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What You Don’t Know About Brain Traffic

by Christine Benson on October 13th, 2011

Thanks to social media, many of our internal jokes are public information. While firing Meghan and a cake obsession may be well known, there’s more to us than you might have guessed.

1. We take pride in being a bunch of nerds and overachievers.

Every person who works here is driven by a high personal standard for quality. While we come from diverse backgrounds, it’s the one thing everyone has in common (other than an unnatural love of content).

It reminds me of a Family Ties episode where Alex and Mallory compete in a quiz show on TV. Their dad is the host of the show, and the team that wins is from the all-girls Catholic school. After the show, one of the girls comes up to Mr. Keaton and says, “My teacher says my answer about the Crusades was correct.” Mr. Keaton says, “What does it matter, you won?” The girl responds, “Yes, but we want to win by more.” We’re not jerks, we just really want to get things right. We take pride in what we do, not just for our clients, but for ourselves.

2. Most of us are introverts. Big time.

At events, we’re usually the group over in the corner, talking to the same people we see every day. And it’s not because we don’t want to talk to you—we’re just seriously shy (kind of goes hand-in-hand with the whole nerd thing). Feel free to come over and say hi. We’d be happy if you made the first move.

3. We genuinely enjoy each other’s company, even when we’re not working.

Every all-company meeting begins with story time. Some days, this takes up more time than the actual meeting. Also, at least once a year, we throw a party at our office. For ourselves. After many years of company outings, partying at our office was consistently voted the favorite (see #2).

Lots of party food

4. We frequently show up at places dressed like each other.

Seriously. This happens. On accident. All. The. Time. Even with the guys.

Matching outfits

5. Everyone gets a real paper card on their birthday, signed by their coworkers.

The first rule about birthday card signing is we never talk about birthday card signing. The card gets passed around in a folder with a checklist to record who has signed/needs to sign. We all pretend like we don’t know there’s a card in there. Any follow-up communication is handled over email. No words are ever spoken.

6. We have an unusually high number of similar or repeat names on staff.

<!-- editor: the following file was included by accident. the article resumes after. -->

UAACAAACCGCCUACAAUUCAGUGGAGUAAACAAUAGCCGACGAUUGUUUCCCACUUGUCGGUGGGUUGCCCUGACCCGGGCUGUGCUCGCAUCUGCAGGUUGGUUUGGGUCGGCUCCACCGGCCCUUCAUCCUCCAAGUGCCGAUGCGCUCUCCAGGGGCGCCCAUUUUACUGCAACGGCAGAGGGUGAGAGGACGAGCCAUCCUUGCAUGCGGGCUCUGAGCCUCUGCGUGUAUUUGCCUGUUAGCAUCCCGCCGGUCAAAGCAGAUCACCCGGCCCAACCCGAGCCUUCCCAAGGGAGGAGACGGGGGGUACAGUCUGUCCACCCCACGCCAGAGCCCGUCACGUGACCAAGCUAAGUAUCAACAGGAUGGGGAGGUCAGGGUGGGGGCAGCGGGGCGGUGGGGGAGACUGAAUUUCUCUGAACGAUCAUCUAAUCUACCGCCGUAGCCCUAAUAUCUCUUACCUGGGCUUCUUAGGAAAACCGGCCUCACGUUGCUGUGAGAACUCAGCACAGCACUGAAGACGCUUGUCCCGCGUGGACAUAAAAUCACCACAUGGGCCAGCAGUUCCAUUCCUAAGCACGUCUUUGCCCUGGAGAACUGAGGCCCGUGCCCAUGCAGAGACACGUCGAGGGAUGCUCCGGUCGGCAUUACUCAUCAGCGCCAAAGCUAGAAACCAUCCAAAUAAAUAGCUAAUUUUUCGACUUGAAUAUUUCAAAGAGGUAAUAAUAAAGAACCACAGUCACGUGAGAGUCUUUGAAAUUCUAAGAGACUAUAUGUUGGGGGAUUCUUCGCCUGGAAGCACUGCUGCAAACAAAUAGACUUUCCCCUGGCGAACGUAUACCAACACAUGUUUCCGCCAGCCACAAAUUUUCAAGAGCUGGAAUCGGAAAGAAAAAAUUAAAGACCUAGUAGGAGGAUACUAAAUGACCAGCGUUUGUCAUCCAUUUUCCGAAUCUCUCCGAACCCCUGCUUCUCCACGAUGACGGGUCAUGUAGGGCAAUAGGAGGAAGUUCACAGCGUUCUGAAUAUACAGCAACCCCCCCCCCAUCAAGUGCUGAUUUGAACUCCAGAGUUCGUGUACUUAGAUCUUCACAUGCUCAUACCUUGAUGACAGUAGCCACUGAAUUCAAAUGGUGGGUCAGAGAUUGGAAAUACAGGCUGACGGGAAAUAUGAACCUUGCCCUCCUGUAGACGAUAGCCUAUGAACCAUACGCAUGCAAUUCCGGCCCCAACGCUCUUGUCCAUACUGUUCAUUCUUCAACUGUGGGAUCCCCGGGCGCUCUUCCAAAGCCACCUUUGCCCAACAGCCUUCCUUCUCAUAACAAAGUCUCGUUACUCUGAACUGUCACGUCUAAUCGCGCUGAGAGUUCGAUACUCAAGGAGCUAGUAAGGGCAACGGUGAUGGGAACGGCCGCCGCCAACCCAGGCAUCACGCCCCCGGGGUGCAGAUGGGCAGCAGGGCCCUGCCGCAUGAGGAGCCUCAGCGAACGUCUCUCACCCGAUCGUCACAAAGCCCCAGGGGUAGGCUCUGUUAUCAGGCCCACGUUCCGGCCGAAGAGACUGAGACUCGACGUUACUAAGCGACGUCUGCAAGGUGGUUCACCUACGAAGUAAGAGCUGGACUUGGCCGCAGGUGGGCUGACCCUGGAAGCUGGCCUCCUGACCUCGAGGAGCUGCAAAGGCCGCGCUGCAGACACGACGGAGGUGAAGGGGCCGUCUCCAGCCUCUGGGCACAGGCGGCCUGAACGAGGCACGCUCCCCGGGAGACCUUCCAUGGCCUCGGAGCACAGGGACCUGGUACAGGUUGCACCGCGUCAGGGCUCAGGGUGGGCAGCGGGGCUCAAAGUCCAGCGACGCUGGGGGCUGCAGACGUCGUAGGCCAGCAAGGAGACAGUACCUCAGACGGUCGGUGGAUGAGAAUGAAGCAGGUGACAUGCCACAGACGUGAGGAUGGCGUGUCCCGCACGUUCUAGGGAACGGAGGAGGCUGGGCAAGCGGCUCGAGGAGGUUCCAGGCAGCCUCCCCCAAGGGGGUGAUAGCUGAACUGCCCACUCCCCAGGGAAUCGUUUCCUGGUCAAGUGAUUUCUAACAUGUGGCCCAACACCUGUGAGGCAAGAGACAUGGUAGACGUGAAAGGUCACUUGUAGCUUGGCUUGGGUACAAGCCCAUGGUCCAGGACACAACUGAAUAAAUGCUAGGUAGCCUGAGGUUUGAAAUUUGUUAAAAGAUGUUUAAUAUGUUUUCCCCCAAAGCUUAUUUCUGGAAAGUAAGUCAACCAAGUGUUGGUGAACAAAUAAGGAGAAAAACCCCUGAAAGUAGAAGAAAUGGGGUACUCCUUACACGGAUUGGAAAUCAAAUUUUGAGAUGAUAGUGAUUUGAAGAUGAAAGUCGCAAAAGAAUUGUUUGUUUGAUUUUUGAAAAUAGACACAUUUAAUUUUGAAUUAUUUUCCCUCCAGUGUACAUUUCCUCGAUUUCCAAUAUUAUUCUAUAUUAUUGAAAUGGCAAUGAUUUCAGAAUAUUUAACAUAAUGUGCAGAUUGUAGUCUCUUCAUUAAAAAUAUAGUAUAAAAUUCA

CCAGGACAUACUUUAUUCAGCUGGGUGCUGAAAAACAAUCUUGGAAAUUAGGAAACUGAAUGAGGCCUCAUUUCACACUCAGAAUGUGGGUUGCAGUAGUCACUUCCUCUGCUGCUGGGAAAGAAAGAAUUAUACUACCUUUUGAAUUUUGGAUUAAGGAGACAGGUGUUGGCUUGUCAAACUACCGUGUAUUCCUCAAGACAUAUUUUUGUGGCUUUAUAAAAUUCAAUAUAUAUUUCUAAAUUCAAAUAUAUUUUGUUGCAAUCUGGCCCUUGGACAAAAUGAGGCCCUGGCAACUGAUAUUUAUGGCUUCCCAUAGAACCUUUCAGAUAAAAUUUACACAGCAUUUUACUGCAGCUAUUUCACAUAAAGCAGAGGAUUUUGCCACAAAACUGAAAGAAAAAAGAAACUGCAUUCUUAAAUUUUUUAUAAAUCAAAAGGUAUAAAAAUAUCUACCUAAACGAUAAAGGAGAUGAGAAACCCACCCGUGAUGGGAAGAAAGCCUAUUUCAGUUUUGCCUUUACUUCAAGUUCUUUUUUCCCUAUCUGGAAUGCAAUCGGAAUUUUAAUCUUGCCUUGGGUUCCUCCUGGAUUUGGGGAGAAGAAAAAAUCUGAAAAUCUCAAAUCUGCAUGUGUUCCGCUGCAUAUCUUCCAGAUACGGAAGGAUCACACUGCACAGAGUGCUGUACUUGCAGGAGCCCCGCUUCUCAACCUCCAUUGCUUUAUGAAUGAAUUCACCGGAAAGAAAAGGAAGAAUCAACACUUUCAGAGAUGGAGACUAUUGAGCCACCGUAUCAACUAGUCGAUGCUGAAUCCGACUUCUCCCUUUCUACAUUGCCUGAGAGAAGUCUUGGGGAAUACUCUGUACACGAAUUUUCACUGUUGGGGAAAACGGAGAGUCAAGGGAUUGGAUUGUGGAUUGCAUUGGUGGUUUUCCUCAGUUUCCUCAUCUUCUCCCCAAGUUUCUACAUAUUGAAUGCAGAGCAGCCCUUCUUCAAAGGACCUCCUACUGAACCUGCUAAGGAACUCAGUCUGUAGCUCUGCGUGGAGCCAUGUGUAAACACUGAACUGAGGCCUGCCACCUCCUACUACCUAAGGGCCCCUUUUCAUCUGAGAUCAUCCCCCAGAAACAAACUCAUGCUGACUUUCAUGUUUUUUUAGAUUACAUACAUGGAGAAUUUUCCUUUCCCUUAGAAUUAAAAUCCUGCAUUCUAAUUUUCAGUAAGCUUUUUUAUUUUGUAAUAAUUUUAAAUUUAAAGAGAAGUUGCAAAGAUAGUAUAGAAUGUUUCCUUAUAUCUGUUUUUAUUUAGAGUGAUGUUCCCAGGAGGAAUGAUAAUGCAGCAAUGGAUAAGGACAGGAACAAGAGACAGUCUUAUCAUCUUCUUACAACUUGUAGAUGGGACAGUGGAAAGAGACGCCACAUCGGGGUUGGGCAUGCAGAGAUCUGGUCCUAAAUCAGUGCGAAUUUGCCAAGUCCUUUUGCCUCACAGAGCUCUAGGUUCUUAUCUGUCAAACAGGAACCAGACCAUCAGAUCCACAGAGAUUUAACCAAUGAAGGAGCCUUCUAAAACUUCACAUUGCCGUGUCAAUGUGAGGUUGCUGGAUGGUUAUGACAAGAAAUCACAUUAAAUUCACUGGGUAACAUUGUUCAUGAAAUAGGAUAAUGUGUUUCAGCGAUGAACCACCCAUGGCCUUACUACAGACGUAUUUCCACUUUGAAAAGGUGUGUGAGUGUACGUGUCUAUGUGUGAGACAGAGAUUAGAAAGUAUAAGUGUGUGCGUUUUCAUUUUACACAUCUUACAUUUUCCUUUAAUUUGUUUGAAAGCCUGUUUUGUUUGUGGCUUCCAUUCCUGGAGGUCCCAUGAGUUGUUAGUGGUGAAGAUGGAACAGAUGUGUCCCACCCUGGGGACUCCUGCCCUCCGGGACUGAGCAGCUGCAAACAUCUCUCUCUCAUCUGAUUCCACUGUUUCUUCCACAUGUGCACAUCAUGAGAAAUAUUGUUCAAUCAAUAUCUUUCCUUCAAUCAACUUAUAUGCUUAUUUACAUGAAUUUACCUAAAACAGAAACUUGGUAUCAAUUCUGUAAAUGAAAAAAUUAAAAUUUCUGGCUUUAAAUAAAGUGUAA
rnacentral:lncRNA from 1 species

There are three Christines (luckily one goes by Chris) and a Kristina, two Erins, and two Meghan/Megans. In the past, we also had two Angies and two Katies.

7. There’s an internal backlash against cake.

Cake will always be at the heart of Brain Traffic, but it’s nice to mix things up from time to time. Many of us secretly prefer pie, and in August we had a chip buffet.

8. However, we still have very detailed conversations about cake.

A thank you goes out to Erik Westra for noticing this. We don’t just eat cake; we have in-depth conversations analyzing cake qualities. Various flavors, cake vs. frosting, types of frosting … the list goes on. Even the cake backlash can trigger a good 10-minute conversation.

Want more behind-the-scenes info about Brain Traffic? Check out our other posts from around the office.

  • Paul

    Speaking of pie, and I’m sure more than one Brain Trafficker has seen it, this is the best pie chart ever: http://laughingsquid.com/accurate-pie-chart/.

  • John da Vinci

    I also strongly believe in points 1 and 2. It is sometimes difficult to reconcile those with my current work environment. I feel out of place not having people from work that I want to hang out with in other contexts but having a lot of pressure to “not be introverted” between 8:00 and 5:00.

  • http://floatboth.com MyFreeWeb

    The cake is a lie!

    Also, introverts, http://www.carlkingdom.com/10-myths-about-introverts – have you read this?

  • fermata

    don’t know if this post was just supposed to be fun, but it’s a great recruiting tool! I want to work with you. Even though I’m more of a quick-bread type.

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